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Labs at SickKids are bustling with researchers working tirelessly on new discoveries in DIPG. Dr. Cynthia Hawkins, neuropathologist and Garron Family Chair in Cancer Research at SickKids, is a shining star in the field. Dr. Hawkins has been conducting single-cell sequencing on DIPGs, learning what characteristics each tumor cell has, but also what role the normal cells around them have in the progression of DIPG. “We’re doing this because we need to build a multipronged approach. Figuring out not only how can we stop the cancer cells from dividing, but how can we keep these cells from spreading – then we can really take advantage of novel treatments like CED and move the bar on survival for these kids.” Dr. Hawkins continues to model and analyze different pathways that are responsible for DIPG, and how they respond to combinations of targeted drugs. She also works to ensure new data with the potential to help treat brain tumors is moved from the research lab into clinical testing as quickly and safely as possible. Her success has been an anchor and a jumping off point for much of the work being done in DIPG at SickKids. Your support helps make that possible.

Making Better Care More Accessible for DIPG Patients

When a child is diagnosed with brain cancer, a biopsy of the tumor tissue for DNA testing is the best way to identify life-saving personalized treatment options through clinical trials. But a biopsy requires brain surgery — invasive, fraught with postsurgical complications, and often anxiety-inducing. For DIPG patients, the tumor is in the brain stem, making it even more difficult and dangerous to perform a surgical biopsy.

Today, scientists can identify a tumor’s DNA from a simple blood test. It’s called a liquid biopsy. Despite an increasing market demand, the number of approved tests is minimal and specific for adult cancer detection. The feasibility of liquid biopsies as a clinical tool for pediatric cancers was nonexistent – until now.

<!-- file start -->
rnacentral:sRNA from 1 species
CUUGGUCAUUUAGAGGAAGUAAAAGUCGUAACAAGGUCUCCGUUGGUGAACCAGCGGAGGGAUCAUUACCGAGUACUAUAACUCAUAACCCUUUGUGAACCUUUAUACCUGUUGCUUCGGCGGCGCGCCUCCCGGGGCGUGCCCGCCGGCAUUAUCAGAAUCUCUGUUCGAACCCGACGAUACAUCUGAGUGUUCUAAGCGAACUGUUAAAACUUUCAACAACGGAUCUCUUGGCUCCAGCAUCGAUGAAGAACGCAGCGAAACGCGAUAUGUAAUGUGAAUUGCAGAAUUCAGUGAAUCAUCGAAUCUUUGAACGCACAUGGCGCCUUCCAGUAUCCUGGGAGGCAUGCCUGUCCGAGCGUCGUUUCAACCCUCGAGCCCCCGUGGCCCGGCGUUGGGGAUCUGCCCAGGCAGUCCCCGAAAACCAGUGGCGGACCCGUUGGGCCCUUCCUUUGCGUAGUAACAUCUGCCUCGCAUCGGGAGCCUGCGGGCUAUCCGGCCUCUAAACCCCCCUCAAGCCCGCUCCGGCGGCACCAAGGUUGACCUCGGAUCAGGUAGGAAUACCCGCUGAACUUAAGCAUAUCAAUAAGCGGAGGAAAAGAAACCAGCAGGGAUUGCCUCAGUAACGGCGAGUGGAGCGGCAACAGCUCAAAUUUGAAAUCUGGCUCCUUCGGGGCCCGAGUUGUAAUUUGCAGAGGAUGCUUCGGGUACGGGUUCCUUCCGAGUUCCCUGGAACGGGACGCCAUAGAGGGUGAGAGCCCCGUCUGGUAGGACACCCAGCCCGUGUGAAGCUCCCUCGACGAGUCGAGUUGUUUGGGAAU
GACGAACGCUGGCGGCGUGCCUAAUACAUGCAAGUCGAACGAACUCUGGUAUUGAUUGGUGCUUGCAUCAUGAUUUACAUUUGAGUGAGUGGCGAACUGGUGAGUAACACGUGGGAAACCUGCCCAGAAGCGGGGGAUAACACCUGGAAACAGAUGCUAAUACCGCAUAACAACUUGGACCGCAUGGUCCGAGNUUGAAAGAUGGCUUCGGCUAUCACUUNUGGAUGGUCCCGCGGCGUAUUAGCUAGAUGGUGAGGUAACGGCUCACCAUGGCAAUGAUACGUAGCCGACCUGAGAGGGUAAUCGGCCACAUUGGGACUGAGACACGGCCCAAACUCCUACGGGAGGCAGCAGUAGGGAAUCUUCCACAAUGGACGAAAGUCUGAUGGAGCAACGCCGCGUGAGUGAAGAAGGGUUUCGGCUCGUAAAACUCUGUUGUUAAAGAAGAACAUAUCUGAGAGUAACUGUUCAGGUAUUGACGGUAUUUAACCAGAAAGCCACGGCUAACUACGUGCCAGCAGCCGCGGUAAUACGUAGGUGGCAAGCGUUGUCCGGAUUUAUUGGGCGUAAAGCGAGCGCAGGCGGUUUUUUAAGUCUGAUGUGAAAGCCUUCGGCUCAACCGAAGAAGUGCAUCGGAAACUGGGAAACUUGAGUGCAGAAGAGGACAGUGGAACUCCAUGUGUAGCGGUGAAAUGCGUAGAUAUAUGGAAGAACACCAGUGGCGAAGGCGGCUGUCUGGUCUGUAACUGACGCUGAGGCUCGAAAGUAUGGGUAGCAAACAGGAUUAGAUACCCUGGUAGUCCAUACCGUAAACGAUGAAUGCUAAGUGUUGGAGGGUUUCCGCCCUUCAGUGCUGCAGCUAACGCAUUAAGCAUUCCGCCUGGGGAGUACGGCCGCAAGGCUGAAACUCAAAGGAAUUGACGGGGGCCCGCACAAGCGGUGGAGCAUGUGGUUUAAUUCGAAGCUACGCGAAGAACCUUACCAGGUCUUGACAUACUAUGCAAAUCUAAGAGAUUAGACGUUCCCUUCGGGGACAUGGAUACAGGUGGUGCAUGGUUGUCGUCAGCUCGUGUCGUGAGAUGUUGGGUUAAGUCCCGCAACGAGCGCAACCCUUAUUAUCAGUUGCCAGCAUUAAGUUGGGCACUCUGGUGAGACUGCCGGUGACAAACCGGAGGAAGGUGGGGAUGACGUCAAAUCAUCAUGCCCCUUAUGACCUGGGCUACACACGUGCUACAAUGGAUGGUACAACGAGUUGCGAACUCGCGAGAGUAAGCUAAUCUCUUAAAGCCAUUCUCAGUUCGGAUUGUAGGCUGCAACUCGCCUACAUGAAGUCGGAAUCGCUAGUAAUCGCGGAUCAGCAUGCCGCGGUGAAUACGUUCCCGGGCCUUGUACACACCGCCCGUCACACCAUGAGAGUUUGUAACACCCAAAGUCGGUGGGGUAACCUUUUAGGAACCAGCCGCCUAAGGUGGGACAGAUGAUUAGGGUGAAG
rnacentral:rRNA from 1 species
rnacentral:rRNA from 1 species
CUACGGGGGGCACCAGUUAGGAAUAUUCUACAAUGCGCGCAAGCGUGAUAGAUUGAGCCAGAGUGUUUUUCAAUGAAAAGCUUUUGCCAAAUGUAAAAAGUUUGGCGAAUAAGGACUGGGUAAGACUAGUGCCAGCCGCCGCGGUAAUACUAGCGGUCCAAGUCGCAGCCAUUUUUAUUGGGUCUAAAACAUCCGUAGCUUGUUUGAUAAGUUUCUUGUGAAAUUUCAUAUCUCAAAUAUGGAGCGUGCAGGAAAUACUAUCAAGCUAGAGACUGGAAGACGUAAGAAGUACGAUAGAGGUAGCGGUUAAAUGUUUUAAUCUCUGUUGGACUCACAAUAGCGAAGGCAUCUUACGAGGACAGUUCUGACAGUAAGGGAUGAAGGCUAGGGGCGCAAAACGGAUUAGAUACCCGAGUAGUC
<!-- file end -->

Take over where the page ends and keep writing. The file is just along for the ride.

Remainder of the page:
Dr. Hawkins found that cerebral spinal fluid (CSF), the liquid that surrounds the brain and spinal cord, contains bits of a brain tumor’s DNA. To gather a sample of this fluid requires a straightforward lumbar puncture. “These kids won’t need surgery for us to find genetic mutations that we can target with better drugs. We’ll remove a small amount of fluid from the spine with a needle. That’s all,” Dr. Hawkins explains.

This test’s clinical application is the first of its kind — a game-changing opportunity for kids with brain tumors like DIPG. With it, we can better diagnose patients and follow them over time, predicting responsiveness to subsequent medications. “We want to get this testing out for clinical use as fast and efficiently as possible,” Dr. Hawkins says. SickKids will be the first to develop the liquid biopsy test for children with brain tumors and continue to establish ourselves as a reference lab for pediatric diagnostics.